While many of us were busy living in our bubbles before they popped, we listed to the messages around us, whether we wanted to or not. We started to think that we had it in control. Sure, God was on his throne, and it was great to worship him and come together with other believers, it was great to lean on him when times got hard – sometimes even greater because we knew that the hard times would pass. Things were measurable in that world. And so, we gave God our hearts…but, we kept some for ourselves as well. We kept the illusion that if we just worked harder, or prayed harder, or leaned in more, that we could keep going at the pace we were at: we could be achievers!

But that – friends – is not what we’re promised. It’s not what the people in the times the scriptures were written would want us to believe (in fact, they wouldn’t have been able to comprehend that way of thought). It’s sure not what we’re told to expect.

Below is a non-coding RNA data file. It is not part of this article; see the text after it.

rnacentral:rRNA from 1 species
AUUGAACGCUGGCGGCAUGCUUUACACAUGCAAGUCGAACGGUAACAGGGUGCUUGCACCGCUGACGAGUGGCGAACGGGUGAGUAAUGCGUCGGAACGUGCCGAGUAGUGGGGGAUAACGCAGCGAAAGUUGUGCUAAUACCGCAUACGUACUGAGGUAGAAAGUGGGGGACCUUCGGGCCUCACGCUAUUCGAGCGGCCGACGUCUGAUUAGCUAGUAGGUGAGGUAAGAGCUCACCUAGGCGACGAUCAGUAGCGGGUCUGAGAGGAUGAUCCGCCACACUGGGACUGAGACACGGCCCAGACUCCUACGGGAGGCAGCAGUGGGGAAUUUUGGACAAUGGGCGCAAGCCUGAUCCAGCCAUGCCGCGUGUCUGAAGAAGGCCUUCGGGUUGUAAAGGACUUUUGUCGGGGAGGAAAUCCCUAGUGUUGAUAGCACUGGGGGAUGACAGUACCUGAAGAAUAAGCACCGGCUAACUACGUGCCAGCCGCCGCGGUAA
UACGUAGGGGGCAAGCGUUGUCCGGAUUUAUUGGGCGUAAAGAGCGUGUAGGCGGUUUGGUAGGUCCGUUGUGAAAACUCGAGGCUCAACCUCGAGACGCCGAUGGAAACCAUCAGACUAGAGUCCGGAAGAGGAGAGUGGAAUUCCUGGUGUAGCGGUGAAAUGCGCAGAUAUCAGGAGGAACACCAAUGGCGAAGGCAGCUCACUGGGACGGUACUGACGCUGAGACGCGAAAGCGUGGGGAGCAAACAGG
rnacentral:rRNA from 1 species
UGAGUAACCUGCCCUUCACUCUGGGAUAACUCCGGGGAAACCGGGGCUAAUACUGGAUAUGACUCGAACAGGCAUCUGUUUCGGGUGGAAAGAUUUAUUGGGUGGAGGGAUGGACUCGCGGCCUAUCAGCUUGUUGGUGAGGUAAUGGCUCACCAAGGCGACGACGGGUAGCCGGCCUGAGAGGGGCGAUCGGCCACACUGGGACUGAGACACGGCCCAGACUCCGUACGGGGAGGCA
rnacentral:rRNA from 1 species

Hope in Scripture

I spent some time in James this weekend, specifically, James 1. I’ve always liked the book. Back in my Bible quizzing days I memorized the whole thing. And when times got hard, I’d lean hard on James 1:2: Consider it pure joy, my brothers, when you face trials of any kind…” I’d recite it off. Send up a prayer or two and move on.

But, that’s not what I think the chapter tells us to do. In fact, here’s a deeper look (ESV):

Count it all joy, my brothers,[b] when you meet trials of various kinds, for you know that the testing of your faith produces steadfastness. And let steadfastness have its full effect, that you may be perfect and complete, lacking in nothing.